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June 28, 2005

Yesterday's Ruling Won't Slow File Swapping

CNET: While yesterday's long awaited decision casts uncertainty on the fate of Grokster and other file-swapping companies, it did not cast uncertainty on the viability of file-swapping itself. P2P software is now used by more than 8 million people simultaneously around the world and in the U.S., "the average number of people swapping media files simultaneously on major P2P networks rose from nearly 3 million in 2003 to more than 6 million this year", according to BigChampagne...

Even though the decision seems like a victory for the entertainment industry - one gargantuan challenge for the major labels and rightsholders to overcome is that "while file swapping may prove to be a poor business venture - many P2P software developers and users aren't in it for money...They're young and smart, and they do it because they can."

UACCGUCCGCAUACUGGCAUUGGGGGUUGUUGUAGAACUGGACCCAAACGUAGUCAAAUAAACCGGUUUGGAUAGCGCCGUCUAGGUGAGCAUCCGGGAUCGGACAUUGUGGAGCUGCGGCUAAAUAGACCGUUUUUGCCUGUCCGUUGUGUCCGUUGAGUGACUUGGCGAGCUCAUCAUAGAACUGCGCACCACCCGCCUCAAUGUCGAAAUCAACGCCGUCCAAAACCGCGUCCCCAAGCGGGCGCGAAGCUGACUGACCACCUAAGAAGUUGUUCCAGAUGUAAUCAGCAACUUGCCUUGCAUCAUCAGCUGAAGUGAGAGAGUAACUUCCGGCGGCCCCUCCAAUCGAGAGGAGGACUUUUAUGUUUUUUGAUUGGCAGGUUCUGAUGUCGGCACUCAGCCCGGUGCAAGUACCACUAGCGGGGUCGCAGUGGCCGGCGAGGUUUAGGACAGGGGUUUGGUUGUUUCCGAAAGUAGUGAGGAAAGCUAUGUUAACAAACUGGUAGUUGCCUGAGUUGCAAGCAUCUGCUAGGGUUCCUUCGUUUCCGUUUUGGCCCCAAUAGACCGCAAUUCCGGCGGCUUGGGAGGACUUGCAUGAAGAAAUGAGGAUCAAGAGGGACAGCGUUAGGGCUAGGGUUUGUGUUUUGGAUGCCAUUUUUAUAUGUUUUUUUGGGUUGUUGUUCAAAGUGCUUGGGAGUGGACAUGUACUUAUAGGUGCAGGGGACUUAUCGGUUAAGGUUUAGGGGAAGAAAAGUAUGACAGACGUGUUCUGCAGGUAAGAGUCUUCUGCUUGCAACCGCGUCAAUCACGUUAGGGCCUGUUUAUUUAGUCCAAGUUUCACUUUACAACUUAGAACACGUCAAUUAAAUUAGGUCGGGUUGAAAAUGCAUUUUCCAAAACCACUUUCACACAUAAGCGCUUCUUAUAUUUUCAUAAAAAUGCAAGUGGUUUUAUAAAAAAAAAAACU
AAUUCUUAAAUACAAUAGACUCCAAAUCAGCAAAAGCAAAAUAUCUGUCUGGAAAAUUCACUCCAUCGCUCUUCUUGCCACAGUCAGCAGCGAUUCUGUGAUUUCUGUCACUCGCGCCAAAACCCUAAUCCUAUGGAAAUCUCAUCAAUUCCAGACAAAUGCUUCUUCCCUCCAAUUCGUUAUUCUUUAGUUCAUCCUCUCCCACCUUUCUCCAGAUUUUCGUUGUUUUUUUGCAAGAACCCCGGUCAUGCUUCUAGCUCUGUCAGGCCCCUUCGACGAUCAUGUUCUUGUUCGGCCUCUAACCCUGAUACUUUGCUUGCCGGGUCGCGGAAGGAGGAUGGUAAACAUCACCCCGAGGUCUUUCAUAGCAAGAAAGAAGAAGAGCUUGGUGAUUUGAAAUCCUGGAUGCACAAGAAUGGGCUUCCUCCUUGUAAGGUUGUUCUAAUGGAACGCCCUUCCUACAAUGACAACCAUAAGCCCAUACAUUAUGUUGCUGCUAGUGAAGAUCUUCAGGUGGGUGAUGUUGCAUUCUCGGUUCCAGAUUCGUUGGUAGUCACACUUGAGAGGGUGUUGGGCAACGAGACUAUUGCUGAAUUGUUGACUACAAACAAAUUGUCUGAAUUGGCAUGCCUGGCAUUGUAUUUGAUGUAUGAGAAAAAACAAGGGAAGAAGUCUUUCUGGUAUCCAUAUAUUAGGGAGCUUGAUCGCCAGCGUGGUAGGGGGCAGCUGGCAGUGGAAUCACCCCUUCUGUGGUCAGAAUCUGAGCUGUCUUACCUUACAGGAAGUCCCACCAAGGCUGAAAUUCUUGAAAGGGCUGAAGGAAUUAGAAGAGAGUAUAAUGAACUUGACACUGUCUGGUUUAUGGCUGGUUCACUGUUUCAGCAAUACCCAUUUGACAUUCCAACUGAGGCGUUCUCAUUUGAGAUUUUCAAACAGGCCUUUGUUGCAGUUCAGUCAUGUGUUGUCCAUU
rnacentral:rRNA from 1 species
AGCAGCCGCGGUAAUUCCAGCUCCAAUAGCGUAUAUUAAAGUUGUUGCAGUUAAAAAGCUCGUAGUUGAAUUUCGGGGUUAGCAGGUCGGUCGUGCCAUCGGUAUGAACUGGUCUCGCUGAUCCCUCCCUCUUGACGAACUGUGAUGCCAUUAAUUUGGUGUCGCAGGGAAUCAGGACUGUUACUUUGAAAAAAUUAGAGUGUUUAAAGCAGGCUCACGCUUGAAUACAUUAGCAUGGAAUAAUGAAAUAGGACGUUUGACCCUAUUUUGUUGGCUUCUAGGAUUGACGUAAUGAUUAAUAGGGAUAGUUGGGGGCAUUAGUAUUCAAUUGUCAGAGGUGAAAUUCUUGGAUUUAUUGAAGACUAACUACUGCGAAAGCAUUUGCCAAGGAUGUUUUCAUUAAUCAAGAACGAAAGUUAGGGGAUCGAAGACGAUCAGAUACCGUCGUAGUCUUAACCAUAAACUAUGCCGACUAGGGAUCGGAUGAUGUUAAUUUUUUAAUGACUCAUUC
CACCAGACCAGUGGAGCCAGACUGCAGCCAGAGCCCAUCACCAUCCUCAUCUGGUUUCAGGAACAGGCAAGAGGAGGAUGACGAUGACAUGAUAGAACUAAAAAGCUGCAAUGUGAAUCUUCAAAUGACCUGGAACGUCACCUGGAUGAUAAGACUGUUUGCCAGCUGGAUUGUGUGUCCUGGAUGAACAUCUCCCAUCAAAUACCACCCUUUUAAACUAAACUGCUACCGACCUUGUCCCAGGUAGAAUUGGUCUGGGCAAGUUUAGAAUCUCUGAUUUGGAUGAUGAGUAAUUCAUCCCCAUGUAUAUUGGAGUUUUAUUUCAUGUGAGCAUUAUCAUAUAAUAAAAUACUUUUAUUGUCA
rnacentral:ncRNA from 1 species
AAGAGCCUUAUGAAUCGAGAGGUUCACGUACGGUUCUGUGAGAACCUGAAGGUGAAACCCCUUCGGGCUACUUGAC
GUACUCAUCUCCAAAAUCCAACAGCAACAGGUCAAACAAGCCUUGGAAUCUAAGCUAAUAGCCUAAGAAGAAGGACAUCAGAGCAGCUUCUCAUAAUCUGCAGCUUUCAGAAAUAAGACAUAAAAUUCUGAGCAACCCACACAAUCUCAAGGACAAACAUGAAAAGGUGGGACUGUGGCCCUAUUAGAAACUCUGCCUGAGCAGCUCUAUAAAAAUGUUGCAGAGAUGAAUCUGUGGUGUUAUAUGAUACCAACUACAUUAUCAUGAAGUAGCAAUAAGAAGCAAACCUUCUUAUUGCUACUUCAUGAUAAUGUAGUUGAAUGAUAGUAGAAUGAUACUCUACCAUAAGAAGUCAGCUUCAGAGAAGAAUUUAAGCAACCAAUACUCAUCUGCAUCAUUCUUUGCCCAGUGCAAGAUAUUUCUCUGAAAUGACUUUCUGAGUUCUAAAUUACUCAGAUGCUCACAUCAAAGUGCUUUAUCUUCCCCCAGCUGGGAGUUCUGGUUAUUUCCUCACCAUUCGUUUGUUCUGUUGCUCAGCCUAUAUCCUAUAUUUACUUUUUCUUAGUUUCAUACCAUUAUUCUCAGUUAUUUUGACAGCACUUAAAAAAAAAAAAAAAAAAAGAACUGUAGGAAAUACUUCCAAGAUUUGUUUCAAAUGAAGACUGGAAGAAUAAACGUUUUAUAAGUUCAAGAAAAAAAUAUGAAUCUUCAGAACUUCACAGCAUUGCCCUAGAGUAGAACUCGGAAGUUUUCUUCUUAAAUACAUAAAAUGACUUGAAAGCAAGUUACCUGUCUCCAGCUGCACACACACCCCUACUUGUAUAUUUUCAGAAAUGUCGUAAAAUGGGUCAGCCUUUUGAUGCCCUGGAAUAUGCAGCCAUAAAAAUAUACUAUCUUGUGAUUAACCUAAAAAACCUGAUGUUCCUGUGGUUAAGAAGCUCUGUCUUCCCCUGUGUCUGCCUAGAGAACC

"The only thing we can say for certain is that there will be more confusion, more litigation, more and more copyright infringement online and a long road ahead," BigChampagne's Garland said. What Monday's ruling may stop (or at least delay) are further innovations in P2P technology, said Adam Eisgrau, a lobbyist for P2P United. "The reality is, if you've got the next best (P2P) mousetrap on your blackboard, you may well have used your eraser defensively today because those plans could be used against you in court."

Posted by Todd in P2P | Permalink


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